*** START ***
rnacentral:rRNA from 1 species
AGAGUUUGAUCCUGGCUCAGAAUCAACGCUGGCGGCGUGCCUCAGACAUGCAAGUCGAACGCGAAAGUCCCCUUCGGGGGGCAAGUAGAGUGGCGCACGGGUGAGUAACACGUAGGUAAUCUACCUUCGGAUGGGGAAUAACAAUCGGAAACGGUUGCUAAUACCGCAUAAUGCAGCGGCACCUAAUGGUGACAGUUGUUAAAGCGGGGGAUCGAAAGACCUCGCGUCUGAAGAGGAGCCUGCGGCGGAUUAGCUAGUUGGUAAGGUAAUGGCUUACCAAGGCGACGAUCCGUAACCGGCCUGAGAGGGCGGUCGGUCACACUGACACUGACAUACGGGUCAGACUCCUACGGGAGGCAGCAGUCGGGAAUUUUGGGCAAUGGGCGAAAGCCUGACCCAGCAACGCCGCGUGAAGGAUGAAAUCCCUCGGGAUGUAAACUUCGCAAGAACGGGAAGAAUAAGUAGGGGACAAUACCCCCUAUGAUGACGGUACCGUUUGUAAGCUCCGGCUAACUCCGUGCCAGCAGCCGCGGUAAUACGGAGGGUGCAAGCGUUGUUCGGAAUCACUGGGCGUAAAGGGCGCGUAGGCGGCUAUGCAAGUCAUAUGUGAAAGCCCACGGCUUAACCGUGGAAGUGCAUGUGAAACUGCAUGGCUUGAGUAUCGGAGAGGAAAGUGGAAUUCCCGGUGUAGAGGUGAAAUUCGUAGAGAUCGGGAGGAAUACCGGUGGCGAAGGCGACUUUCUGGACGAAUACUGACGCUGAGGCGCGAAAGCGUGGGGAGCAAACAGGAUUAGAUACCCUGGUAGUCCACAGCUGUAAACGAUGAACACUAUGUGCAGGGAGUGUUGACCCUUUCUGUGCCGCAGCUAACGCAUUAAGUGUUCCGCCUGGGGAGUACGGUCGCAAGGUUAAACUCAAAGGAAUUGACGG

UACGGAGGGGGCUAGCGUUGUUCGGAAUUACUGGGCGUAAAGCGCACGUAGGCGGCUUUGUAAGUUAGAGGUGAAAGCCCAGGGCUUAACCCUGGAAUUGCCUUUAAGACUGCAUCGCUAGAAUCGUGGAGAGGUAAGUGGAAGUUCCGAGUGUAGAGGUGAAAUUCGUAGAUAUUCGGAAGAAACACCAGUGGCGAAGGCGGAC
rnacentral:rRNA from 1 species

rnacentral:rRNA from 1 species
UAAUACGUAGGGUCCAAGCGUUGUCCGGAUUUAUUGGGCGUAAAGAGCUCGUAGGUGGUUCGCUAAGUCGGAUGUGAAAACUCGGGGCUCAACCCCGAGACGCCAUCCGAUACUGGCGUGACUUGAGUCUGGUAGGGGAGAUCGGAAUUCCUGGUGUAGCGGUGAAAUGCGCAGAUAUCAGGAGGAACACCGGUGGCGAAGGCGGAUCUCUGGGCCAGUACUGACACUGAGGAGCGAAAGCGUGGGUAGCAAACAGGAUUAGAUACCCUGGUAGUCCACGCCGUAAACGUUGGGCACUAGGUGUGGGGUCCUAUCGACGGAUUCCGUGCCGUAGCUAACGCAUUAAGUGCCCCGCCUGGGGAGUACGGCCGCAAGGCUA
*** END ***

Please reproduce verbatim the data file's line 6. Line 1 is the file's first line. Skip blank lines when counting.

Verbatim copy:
UAAUACGUAGGGUCCAAGCGUUGUCCGGAUUUAUUGGGCGUAAAGAGCUCGUAGGUGGUUCGCUAAGUCGGAUGUGAAAACUCGGGGCUCAACCCCGAGACGCCAUCCGAUACUGGCGUGACUUGAGUCUGGUAGGGGAGAUCGGAAUUCCUGGUGUAGCGGUGAAAUGCGCAGAUAUCAGGAGGAACACCGGUGGCGAAGGCGGAUCUCUGGGCCAGUACUGACACUGAGGAGCGAAAGCGUGGGUAGCAAACAGGAUUAGAUACCCUGGUAGUCCACGCCGUAAACGUUGGGCACUAGGUGUGGGGUCCUAUCGACGGAUUCCGUGCCGUAGCUAACGCAUUAAGUGCCCCGCCUGGGGAGUACGGCCGCAAGGCUA